By Gabe Habash
Part of the outcry over the lack of a Pulitzer Prize for Fiction selection this year relates to the sales increase that each year’s winner inevitably receives, and how that windfall will be absent in 2012. But just how big of a sales increase does a Pulitzer Prize-winning novel experience? Using Nielsen BookScan, PW took a look at the last five winners of the fiction prize—A Visit from the Goon Squad, Tinkers, Olive Kitteridge, The Brief Wondrous Life of Oscar Wao, The Road—and the effects the win had on sales.
The trade paperback for Jennifer Egan’s Goon Squad (Random House) was released just four weeks before its Pulitzer victory in April 2011. Weekly sales of the book immediately tripled following the announcement—in the week leading up to the announcement, the book sold 3,800 copies; the next week, after the announcement, the book sold 9,578 at the outlets tracked by BookScan (about 70% of print sales). Sales then hovered around 10,000 copies per week until June, and the book finally dipped under 5,000 copies per week in the week ending September 11, 2011. On average, following the Pulitzer, Goon Squad’s weekly sales for a three month period were triple what they were before the prize. To date, the book has sold 280,000 copies in trade paperback at outlets followed by BookScan. It should be noted that none of these figures includes e-book sales, which would’ve likely figured into Egan’s novel’s sales most prominently out of all the past winners.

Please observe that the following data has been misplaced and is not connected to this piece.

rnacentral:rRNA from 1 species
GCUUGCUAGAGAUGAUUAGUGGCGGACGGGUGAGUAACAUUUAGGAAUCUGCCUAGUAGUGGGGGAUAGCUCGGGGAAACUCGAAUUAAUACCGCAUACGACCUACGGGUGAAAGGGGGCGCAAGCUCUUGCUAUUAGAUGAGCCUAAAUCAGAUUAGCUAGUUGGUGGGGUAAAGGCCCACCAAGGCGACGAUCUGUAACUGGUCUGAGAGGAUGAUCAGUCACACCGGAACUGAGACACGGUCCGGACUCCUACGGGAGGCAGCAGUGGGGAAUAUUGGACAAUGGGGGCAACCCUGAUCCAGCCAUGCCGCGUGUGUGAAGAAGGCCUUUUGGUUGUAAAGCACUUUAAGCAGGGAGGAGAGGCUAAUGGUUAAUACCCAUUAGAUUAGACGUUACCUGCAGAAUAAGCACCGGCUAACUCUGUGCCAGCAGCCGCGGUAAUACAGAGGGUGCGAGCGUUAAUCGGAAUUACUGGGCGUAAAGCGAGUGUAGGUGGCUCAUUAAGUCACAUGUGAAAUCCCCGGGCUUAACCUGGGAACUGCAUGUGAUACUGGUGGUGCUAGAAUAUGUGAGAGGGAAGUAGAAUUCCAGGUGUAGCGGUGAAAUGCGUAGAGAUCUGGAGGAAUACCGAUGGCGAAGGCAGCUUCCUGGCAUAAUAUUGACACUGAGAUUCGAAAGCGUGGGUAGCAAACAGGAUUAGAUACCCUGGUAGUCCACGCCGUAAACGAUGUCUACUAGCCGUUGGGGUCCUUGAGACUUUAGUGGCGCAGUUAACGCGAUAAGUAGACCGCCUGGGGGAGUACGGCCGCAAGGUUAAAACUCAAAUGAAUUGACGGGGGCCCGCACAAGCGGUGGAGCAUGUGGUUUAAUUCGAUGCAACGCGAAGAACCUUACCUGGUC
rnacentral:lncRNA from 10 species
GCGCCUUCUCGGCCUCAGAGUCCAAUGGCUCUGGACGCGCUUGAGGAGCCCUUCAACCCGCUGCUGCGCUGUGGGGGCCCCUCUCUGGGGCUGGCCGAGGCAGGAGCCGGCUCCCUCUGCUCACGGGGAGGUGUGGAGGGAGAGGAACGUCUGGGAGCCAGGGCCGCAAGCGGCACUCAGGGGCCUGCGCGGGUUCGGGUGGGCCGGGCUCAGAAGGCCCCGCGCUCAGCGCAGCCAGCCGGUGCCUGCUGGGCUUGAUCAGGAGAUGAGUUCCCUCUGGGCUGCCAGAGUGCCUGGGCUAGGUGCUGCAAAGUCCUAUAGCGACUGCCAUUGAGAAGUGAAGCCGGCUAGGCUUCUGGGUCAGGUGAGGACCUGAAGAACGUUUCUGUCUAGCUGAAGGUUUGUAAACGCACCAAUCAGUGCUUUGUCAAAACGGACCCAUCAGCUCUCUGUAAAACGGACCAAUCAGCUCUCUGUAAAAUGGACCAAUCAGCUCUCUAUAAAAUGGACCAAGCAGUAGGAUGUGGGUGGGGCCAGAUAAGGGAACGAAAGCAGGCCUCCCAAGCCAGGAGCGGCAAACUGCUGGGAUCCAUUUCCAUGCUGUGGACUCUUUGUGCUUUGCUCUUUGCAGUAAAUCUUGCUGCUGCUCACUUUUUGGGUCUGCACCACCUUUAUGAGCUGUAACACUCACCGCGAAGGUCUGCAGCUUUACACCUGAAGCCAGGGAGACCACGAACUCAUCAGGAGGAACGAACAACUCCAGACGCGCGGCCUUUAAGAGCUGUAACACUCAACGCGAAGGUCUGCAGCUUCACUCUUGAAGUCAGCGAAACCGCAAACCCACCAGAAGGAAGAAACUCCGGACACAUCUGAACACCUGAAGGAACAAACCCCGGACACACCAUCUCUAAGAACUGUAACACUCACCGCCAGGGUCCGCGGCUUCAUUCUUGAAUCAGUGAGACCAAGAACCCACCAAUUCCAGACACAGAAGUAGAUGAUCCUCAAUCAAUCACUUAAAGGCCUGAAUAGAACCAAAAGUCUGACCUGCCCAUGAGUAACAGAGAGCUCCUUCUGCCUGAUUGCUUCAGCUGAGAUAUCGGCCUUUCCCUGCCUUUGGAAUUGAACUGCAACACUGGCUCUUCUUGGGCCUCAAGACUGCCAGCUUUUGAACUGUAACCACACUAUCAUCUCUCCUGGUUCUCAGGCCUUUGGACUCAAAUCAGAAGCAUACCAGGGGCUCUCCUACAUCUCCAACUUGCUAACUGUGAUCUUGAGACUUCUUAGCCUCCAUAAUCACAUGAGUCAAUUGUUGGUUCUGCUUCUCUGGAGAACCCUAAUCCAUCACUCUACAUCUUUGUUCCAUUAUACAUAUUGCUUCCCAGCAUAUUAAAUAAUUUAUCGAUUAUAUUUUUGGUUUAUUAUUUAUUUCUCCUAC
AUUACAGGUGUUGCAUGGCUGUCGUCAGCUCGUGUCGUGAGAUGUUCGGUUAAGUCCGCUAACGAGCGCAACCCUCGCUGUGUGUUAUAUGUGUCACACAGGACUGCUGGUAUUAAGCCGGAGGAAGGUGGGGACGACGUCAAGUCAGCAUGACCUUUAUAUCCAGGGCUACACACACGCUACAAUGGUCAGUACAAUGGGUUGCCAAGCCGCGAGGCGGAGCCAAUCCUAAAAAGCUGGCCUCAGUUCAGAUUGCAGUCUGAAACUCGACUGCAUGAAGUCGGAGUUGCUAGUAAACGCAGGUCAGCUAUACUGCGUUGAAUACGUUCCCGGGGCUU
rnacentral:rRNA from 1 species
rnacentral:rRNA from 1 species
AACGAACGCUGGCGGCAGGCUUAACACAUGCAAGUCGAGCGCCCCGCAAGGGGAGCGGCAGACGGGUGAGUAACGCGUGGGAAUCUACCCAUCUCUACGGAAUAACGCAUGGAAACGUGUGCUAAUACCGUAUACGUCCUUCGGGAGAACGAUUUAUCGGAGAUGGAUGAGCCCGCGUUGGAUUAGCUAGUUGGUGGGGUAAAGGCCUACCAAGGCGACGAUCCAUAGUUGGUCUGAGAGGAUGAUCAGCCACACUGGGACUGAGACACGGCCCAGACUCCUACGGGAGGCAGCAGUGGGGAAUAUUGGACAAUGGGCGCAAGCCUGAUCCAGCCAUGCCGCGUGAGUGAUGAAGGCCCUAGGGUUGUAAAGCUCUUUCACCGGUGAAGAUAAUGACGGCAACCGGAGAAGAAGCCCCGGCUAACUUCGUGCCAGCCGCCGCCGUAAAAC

Paul Harding’s Tinkers perhaps benefitted the most from winning the Pulitzer. Published in early January 2010 by Bellevue Literary Press, the book had only sold 1,120 copies at BookScan-tracked outlets before the Pulitzer announcement. To date, it has now sold 360,000 trade paperback copies in outlets followed by BookScan. The weekly spike is also astounding: in the week before the announcement, Tinkers sold only 40 copies. The next week, immediately following its Pulitzer victory, it sold 1,042 copies, doubling its total sales in a seven-day span. The following week, sales continued to climb, reaching 6,131 copies, and weekly sales remained steady around 5,000 until January 2011, 10 months after it won the Pulitzer.
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